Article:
Lana's vocals seem to have a split personality; one side is a seductively low, melancholy drawl, and the other is a sugary falsetto, with plenty in between. The whole album has a very dark, ominous feel to it, almost uncomfortable at times, with the off-beat, poetic lyrics often adding a sense of irony or sarcasm. Listen, and you're automatically transported to downtown New York City, images of red lipstick and bright lights running through your head.

"Red, white, blues in the sky,
  summer's in the air and baby,
  heaven's in your eyes."

-'National Anthem'

I love this album. It's interesting, beautiful, emotional. I can see why it might not be everyone's thing, but it's definitely mine. Some of the songs in the middle of the track list do start to sound a bit same-y and are weaker than the rest, but they all add to the story and dynamic of the album.

"Choose your last words,
  this is the last time.
  Cause you and I...

  we were born to die."

-'Born To Die'

'Off to the Races'
'Blue Jeans'
'Summertime Sadness'

Rating: 4/5



Saturday, 25 February 2012

Wish List - Checks, Grunge and Rock & Roll

'I need to remember...sometimes there's so much beauty in the world, I feel like I can't take it, and my heart is just going to cave in.'
-American Beauty

It was Pancake Day this week, or Shrove Tuesday, and traditionally we give up something, be it food or drink, for the duration of Lent, until Easter.

This year, instead of giving up a certain food, I have decided to give up buying clothes.

Now, to anyone that knows me, they will understand that I buy a LOT of clothes, so this is going to be seriously difficult, but I wanted to do it for two reasons; mainly because I need to reduce my spending and start saving, but also because I want to cut down on buying fast fashion that is easily disposable and doesn't mean anything to me.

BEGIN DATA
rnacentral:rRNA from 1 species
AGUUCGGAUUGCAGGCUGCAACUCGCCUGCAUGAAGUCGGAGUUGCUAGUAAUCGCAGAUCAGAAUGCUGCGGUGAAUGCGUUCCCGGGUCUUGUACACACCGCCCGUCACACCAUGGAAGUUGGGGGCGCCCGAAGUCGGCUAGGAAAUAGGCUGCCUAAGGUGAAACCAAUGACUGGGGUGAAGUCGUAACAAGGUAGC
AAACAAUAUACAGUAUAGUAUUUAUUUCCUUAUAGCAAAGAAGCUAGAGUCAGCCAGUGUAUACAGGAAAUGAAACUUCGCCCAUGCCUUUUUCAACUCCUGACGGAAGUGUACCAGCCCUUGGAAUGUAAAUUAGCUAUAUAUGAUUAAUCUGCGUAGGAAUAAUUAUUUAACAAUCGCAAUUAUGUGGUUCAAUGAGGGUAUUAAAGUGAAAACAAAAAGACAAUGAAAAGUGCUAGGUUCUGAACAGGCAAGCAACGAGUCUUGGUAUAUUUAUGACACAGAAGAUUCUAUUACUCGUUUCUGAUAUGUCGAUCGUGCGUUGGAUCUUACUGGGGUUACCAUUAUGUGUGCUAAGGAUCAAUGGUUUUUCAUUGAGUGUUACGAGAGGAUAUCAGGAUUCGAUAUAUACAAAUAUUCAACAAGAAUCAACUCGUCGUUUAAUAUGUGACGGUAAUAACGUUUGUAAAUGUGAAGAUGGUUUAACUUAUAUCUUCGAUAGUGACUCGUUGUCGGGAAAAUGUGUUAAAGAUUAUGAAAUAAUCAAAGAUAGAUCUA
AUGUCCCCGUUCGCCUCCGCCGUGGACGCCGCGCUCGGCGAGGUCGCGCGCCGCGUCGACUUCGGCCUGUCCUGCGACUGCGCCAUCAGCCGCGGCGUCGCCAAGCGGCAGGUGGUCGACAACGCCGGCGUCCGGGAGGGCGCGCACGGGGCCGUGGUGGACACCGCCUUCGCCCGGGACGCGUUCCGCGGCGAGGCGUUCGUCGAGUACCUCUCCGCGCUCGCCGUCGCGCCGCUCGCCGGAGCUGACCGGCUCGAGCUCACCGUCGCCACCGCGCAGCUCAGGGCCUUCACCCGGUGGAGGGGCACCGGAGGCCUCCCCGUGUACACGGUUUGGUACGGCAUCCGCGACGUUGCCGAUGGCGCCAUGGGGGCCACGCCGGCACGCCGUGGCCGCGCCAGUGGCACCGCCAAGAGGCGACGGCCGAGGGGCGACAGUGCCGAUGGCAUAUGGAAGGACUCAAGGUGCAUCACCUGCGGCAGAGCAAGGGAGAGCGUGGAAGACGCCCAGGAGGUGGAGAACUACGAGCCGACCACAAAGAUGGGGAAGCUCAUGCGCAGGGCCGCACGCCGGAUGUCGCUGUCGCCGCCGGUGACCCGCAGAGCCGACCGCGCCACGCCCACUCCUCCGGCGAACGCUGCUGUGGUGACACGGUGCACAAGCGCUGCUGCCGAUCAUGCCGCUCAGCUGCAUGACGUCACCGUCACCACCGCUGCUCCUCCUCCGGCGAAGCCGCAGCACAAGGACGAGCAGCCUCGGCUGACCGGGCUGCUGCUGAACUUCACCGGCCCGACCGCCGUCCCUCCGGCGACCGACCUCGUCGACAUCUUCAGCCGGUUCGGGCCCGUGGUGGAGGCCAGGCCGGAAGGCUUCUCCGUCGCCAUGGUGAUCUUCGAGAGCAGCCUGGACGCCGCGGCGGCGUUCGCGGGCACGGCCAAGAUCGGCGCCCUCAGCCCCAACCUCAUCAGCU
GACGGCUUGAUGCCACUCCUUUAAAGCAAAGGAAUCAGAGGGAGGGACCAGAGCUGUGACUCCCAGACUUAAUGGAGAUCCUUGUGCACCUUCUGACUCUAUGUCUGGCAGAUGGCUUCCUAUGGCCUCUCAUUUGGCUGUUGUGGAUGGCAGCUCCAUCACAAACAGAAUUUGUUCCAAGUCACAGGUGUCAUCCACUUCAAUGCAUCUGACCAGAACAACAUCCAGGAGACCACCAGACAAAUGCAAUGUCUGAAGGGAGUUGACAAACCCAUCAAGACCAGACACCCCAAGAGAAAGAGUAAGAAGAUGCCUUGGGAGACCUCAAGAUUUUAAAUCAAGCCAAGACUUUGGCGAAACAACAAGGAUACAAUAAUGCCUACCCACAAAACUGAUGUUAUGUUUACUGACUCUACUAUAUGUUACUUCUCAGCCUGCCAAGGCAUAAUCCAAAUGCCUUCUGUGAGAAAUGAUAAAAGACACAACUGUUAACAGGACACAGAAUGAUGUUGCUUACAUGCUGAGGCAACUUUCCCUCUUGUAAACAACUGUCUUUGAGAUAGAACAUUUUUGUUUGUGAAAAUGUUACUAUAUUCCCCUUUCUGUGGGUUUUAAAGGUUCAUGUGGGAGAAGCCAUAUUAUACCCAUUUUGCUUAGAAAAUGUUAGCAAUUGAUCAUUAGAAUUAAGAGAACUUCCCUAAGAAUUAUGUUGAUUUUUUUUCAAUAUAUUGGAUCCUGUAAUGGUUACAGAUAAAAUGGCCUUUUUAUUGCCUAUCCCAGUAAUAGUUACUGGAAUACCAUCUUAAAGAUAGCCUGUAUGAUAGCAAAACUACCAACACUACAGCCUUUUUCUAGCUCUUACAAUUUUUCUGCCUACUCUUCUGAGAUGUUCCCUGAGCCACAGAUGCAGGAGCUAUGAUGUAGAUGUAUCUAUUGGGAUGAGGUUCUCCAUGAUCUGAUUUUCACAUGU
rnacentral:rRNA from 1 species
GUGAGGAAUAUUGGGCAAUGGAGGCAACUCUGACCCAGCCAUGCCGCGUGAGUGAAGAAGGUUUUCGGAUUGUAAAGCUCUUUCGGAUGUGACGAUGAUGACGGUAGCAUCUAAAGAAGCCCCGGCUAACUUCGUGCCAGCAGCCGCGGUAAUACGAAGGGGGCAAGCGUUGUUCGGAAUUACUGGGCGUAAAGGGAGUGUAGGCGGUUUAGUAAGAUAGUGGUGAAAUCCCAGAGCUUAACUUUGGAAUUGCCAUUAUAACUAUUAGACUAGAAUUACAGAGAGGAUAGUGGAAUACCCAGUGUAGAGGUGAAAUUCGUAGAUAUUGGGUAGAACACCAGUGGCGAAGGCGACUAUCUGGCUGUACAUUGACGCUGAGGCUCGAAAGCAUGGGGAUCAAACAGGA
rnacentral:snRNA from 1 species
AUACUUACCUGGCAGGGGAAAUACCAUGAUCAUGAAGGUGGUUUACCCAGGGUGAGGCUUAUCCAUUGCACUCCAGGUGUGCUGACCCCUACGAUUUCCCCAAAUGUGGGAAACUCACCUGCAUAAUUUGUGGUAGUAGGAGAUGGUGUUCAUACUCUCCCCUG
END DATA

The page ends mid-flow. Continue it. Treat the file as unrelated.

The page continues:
So, as a way of tackling my shopping withdrawal symptoms, I thought I would do a Wish List every week or so, with high street pieces I've found and love, whether I would wear them or not.

This week, it's an American theme, a style that never really goes out of fashion whether it be cowboys, denim, checks or varsity jackets. Topshop, my main place of worship, has a gorgeous collection centred around this (90's Grunge), but there are great pieces elsewhere on the high street too.

Moodboard Images (from, Vogue UK, Topshop):

The Civil Wars - 'Barton Hollow'
Nirvana - 'The Man Who Sold The World'
Avenged Sevenfold - 'Dear God'

Here are some of my ideas on this trend:

Glory Dress by Rebel Republic, £28,

I LOVE this dress. Its midi length, authentic logo and slubby jersey material scream Americana; I would team it with bare legs, black ankle boots and a vintage denim jacket.

MOTO Bleach Flag Print Hotpant, £34,

MOTO Acid Denim Hotpants, £32,

Okay, I know the Stars and Stripes shorts were a bit of an obvious choice, but you get the point. The worn-in look of both these pairs of shorts add to the weathered feel of this style, and the acid pink ones provide a pop of colour to avoid a denim overload.

Fleetwood Mac Vest By And Finally, £20,

Sleeveless Grunge Check Shirt, £26,[209729|208524]&noOfRefinements=1

Black Ruched Waist Maxi Skirt, £30,
PARAGON Zip Front High Sandals, £90,